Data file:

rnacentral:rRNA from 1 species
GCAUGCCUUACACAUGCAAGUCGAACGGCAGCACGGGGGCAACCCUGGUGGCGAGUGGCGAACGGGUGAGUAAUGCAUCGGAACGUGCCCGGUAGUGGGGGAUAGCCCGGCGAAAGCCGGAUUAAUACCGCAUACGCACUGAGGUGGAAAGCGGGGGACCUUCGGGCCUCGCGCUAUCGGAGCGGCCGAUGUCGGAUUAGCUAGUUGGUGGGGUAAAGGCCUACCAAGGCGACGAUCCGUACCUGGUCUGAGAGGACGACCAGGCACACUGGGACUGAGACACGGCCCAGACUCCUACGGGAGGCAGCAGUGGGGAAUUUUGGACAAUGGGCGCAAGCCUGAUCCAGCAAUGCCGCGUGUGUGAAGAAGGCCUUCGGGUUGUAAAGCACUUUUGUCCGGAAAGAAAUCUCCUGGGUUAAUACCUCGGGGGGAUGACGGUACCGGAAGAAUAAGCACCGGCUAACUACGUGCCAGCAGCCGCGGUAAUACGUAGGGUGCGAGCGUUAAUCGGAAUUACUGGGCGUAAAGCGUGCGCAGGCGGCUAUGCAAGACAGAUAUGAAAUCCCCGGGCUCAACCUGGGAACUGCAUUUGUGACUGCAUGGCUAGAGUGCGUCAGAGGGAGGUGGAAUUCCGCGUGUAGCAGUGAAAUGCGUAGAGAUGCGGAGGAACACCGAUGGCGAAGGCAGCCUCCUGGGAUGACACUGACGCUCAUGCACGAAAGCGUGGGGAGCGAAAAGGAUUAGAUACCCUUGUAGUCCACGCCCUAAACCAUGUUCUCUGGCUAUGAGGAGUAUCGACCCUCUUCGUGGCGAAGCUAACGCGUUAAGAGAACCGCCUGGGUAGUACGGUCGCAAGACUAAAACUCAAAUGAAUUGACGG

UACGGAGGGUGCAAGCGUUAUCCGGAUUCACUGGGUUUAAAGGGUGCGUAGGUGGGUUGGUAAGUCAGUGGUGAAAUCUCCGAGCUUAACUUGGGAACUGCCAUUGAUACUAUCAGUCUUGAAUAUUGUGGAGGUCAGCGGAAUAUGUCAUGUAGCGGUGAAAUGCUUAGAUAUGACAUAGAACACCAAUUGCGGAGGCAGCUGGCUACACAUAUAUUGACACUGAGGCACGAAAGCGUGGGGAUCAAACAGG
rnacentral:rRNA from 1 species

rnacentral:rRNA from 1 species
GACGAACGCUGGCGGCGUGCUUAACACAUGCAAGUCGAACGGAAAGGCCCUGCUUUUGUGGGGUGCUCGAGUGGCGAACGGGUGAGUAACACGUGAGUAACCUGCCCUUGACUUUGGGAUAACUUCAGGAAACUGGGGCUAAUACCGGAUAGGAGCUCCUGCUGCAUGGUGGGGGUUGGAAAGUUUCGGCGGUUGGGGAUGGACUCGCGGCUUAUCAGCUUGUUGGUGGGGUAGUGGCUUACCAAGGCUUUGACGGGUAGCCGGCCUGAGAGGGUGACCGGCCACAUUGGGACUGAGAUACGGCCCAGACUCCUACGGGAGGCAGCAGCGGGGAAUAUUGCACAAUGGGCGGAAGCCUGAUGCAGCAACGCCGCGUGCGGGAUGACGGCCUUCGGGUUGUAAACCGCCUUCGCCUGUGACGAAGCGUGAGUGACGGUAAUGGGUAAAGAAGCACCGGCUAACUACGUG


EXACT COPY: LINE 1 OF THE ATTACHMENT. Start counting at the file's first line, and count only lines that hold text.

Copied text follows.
rnacentral:rRNA from 1 species